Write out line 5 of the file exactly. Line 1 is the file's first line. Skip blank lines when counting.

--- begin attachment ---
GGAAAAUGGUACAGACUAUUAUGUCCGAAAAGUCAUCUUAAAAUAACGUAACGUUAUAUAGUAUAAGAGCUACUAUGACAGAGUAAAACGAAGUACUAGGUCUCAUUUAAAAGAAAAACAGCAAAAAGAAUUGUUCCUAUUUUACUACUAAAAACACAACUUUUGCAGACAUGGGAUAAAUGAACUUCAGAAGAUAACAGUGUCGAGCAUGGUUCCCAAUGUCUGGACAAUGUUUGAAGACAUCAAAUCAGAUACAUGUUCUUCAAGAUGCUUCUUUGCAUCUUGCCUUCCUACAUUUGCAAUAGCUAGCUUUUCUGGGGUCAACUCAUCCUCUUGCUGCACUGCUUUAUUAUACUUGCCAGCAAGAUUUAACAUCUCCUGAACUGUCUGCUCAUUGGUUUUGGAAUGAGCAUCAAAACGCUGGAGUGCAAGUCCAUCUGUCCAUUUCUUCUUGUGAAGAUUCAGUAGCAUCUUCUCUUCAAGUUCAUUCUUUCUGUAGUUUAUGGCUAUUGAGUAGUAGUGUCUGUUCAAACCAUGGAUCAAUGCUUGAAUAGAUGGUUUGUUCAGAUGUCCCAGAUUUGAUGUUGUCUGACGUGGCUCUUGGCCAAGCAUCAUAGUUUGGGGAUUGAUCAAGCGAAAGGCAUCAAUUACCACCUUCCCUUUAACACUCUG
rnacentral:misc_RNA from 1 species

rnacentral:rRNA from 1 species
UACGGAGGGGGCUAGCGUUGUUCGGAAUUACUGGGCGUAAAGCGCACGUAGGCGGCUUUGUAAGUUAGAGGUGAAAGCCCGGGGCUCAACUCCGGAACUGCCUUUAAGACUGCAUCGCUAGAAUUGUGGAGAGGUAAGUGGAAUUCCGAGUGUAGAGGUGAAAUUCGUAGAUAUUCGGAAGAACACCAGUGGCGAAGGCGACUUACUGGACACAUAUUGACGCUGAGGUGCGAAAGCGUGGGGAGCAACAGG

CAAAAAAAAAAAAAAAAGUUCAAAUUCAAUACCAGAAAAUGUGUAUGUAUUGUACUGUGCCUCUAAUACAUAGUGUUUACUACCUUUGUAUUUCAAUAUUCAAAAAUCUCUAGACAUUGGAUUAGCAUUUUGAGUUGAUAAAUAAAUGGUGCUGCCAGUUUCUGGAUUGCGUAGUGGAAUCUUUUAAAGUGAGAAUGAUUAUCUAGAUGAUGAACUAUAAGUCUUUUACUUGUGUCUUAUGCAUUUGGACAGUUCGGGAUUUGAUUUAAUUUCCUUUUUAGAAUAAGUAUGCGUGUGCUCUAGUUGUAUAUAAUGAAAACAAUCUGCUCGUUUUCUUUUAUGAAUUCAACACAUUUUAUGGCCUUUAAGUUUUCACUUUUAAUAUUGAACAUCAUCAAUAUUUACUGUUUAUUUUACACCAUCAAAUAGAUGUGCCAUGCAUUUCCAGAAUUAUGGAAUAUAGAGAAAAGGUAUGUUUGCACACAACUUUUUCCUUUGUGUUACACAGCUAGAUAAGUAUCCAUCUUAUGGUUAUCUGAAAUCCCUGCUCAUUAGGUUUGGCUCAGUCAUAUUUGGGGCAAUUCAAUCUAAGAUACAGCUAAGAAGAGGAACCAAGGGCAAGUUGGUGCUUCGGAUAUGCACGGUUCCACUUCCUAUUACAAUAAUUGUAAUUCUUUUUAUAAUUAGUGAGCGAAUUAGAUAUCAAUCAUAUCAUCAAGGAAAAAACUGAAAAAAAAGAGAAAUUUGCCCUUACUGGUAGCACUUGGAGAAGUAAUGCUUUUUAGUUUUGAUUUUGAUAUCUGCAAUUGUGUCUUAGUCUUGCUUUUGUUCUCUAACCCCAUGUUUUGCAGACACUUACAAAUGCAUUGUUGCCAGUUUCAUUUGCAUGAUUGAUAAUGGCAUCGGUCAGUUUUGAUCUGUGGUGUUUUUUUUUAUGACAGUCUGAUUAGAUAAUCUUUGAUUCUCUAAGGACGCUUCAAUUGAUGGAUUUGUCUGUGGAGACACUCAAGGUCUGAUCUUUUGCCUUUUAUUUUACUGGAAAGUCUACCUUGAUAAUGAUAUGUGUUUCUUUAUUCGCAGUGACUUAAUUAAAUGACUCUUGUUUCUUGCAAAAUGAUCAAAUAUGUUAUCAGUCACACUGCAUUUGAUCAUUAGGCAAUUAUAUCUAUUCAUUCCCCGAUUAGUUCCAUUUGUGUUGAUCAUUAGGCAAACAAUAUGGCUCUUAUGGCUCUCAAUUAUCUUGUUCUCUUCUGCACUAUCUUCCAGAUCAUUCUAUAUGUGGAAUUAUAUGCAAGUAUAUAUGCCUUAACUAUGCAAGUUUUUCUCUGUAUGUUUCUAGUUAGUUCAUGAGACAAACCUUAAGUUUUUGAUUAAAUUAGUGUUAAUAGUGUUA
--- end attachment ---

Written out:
CAAAAAAAAAAAAAAAAGUUCAAAUUCAAUACCAGAAAAUGUGUAUGUAUUGUACUGUGCCUCUAAUACAUAGUGUUUACUACCUUUGUAUUUCAAUAUUCAAAAAUCUCUAGACAUUGGAUUAGCAUUUUGAGUUGAUAAAUAAAUGGUGCUGCCAGUUUCUGGAUUGCGUAGUGGAAUCUUUUAAAGUGAGAAUGAUUAUCUAGAUGAUGAACUAUAAGUCUUUUACUUGUGUCUUAUGCAUUUGGACAGUUCGGGAUUUGAUUUAAUUUCCUUUUUAGAAUAAGUAUGCGUGUGCUCUAGUUGUAUAUAAUGAAAACAAUCUGCUCGUUUUCUUUUAUGAAUUCAACACAUUUUAUGGCCUUUAAGUUUUCACUUUUAAUAUUGAACAUCAUCAAUAUUUACUGUUUAUUUUACACCAUCAAAUAGAUGUGCCAUGCAUUUCCAGAAUUAUGGAAUAUAGAGAAAAGGUAUGUUUGCACACAACUUUUUCCUUUGUGUUACACAGCUAGAUAAGUAUCCAUCUUAUGGUUAUCUGAAAUCCCUGCUCAUUAGGUUUGGCUCAGUCAUAUUUGGGGCAAUUCAAUCUAAGAUACAGCUAAGAAGAGGAACCAAGGGCAAGUUGGUGCUUCGGAUAUGCACGGUUCCACUUCCUAUUACAAUAAUUGUAAUUCUUUUUAUAAUUAGUGAGCGAAUUAGAUAUCAAUCAUAUCAUCAAGGAAAAAACUGAAAAAAAAGAGAAAUUUGCCCUUACUGGUAGCACUUGGAGAAGUAAUGCUUUUUAGUUUUGAUUUUGAUAUCUGCAAUUGUGUCUUAGUCUUGCUUUUGUUCUCUAACCCCAUGUUUUGCAGACACUUACAAAUGCAUUGUUGCCAGUUUCAUUUGCAUGAUUGAUAAUGGCAUCGGUCAGUUUUGAUCUGUGGUGUUUUUUUUUAUGACAGUCUGAUUAGAUAAUCUUUGAUUCUCUAAGGACGCUUCAAUUGAUGGAUUUGUCUGUGGAGACACUCAAGGUCUGAUCUUUUGCCUUUUAUUUUACUGGAAAGUCUACCUUGAUAAUGAUAUGUGUUUCUUUAUUCGCAGUGACUUAAUUAAAUGACUCUUGUUUCUUGCAAAAUGAUCAAAUAUGUUAUCAGUCACACUGCAUUUGAUCAUUAGGCAAUUAUAUCUAUUCAUUCCCCGAUUAGUUCCAUUUGUGUUGAUCAUUAGGCAAACAAUAUGGCUCUUAUGGCUCUCAAUUAUCUUGUUCUCUUCUGCACUAUCUUCCAGAUCAUUCUAUAUGUGGAAUUAUAUGCAAGUAUAUAUGCCUUAACUAUGCAAGUUUUUCUCUGUAUGUUUCUAGUUAGUUCAUGAGACAAACCUUAAGUUUUUGAUUAAAUUAGUGUUAAUAGUGUUA